Celebrating Three Years of Incredible Experiences

Over the last three years, a lot has changed at Peerspace. We launched our website, grew our team from two to 38, and expanded into four new markets. However, some things have remained constant: We’ve continued to build our culture around leading by example, valuing marketplace transparency, and bringing one-of-a-kind spaces to our guests.  

Take a walk down memory lane with Peerspace Co-Founders, Rony Chammas and Matt Bendett, as they recount the early days of Peerspace and some of the trials and tribulations that they went through to make our business what it is today.

Early days: The Vision

How did you first get Peerspace off the ground?

Rony Chammas: I always wanted to be an entrepreneur and used my time as an NYU MBA student to test the Peerspace concept and lay the framework for the MVP. In a way, the MBA program was Peerspace’s “incubator” as I used so much of my second year obsessing over the peer-to-peer commercial real estate space.

How did you get Matt on board?

RC: I offered an empty desk to Matt to use for his consulting business. I would ask for his opinion on early Peerspace ideas and he would participate in brainstorms. After a few weeks, I just said, “Do you want to do this with me?” It was that easy.  


unnamed-2 Rony Chammas and Matt Bendett circa 2014

Starting and staying scrappy

Matt Bendett: Before we could get guests in the door, we needed supply. We started by going door-to-door all around San Francisco to see if spaces were interested. We’d even go into offices in the Financial District asking the receptionist questions about the space.

RC: I showed prospects screenshots of beautiful spaces on my camera roll to see if they had any interest in listing their own space. Some were hesitant, but many gave it a shot.

“A lot of these original hosts are still top performers on the marketplace to this day.”


MB: We were scrappy from day one. We didn’t take a salary and had just enough to pay the first three employees. There was no goal too large or task too mundane to take on. I can pinpoint this stage in our company when we started building our company culture. If you wanted to get something done, you’d have to own it and see it through to completion. Everyday was a learning experience and a chance to improve.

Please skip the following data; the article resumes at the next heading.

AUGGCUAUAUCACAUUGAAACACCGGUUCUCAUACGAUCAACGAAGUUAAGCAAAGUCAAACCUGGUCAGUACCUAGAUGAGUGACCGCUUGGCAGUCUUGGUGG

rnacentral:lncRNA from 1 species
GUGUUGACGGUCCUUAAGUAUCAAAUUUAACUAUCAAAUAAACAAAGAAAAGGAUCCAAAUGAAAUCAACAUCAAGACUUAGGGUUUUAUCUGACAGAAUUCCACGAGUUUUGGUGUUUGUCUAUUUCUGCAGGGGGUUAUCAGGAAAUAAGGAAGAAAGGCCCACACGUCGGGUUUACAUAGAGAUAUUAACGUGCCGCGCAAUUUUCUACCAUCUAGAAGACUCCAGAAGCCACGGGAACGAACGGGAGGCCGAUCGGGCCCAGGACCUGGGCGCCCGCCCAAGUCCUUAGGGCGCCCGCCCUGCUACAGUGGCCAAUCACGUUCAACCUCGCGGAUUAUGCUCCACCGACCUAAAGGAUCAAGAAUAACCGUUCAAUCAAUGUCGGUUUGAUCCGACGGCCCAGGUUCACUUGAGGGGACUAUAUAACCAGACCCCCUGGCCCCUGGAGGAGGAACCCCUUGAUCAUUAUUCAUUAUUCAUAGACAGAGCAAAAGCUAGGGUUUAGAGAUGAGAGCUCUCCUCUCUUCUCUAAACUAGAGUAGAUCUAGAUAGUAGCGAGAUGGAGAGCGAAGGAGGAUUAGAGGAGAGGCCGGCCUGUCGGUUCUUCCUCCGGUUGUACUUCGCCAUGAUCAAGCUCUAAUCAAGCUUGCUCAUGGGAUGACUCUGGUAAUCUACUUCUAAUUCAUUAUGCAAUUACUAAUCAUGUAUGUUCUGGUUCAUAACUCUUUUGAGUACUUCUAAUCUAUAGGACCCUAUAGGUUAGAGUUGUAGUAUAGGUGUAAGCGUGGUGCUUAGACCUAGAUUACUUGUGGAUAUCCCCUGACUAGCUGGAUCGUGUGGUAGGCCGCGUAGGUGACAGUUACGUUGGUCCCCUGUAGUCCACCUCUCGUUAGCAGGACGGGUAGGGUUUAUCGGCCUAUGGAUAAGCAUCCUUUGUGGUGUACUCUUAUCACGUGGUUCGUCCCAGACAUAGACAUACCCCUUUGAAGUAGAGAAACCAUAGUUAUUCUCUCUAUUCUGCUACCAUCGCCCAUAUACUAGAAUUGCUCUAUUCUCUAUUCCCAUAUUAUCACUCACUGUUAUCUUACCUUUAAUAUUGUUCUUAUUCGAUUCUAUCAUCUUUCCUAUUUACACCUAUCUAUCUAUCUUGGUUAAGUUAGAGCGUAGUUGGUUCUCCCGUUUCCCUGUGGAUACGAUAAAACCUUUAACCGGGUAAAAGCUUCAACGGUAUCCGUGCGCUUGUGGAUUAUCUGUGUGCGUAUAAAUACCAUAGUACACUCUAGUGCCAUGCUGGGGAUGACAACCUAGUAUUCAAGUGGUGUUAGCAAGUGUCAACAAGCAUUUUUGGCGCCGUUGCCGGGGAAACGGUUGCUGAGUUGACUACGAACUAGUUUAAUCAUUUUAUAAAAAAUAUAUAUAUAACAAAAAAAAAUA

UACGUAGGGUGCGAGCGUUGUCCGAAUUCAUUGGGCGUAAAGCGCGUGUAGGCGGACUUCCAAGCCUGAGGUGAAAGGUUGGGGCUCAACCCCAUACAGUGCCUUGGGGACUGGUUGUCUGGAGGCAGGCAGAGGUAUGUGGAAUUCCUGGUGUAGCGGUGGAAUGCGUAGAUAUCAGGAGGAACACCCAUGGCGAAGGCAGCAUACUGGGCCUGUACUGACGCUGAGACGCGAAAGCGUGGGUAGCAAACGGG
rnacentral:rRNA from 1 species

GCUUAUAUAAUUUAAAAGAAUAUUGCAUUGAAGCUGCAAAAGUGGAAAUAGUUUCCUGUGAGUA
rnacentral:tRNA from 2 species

Our “a-ha” moments  

RC: When Google booked a mansion for an all-day brainstorming session, I was blown away that one of the biggest companies in the world still had a need to leave the office to find inspiration.

MB: In the early days, LinkedIn booked a three-day meeting in a photo studio for a recruiting workshop. The real “a-ha” moment for us was when we saw these companies coming to us to create productive experiences in our unique spaces.

“We didn’t realize how many companies who had great office space would have a need to get out of the office.”


Then 2014 vs. Now 2017


The LAUNCH festival

RC: The LAUNCH festival, which is where we publicly announced our launch, was a great springboard. The panel was asked, “Which company is going to be around in five years?” And four of the five said Peerspace. While we didn’t win the competition, we went into the experience just happy to have even been asked to participate. I was amazed when the next day, I received dozens of emails from angel investors that had been in the audience or streaming it live.

MB: This was the first time we got real validation. When Forbes published a story comparing Peerspace to the “Airbnb for small businesses,” our site crashed that day from all the traffic.

The journey to Series A

RC: At the time, there were still a lot of questions about the sharing economy and its different applications. We received a lot of “no’s” — A LOT — but I never thought that we had the wrong idea. We knew how valuable a frictionless booking platform would be, so we bootstrapped at first.  

MB: Yeah, it was incredibly intense fundraising. Most of the potential investors were unsure — they didn’t know what to expect as we were entering an unknown category. However, Foundation Capital saw and believed in our vision and we’re really thankful for that.  



First thirty hosts

RC: When we had 30 it felt like we had a decent amount of the San Francisco neighborhoods covered. Now we have over 2500 hosts on the platform and almost 7000 listings!

Booking and revenue

MB: I remember right after we moved into our current office in August of ‘15, we hit a major booking lifetime milestone, which at the time seemed incredible. Now we complete those milestones in less than a month.  

Business from hotel chains

RC: When the first large hotel chain booked space with us, it was a big deal. Hotels have some of the largest space footage of functional space, but we provided something they couldn’t add to their portfolios.

Website launch

MB: Launching the website was a big deal in June of 2015. After a year of scraping by with an MVP mobile app, we finally launched the web app and that really opened up so much potential.

Series A funding

RC: Certainly, fundraising was huge, especially the series A round.

“We wouldn’t be here without Foundation Capital taking a chance on us.”


Team Photo

Looking ahead

Where will Peerspace be three years from now?

RC: We will be booking activities that are on a much larger scale. Our platform will evolve to handle the most complex events, even an activity as large as a convention.

MB: We will have more tools for nuanced bookings. I also think that three years from now we should expect to be the booking platform for anything outside the home or office.

“If you are organizing any kind of event, you’ll think of Peerspace.”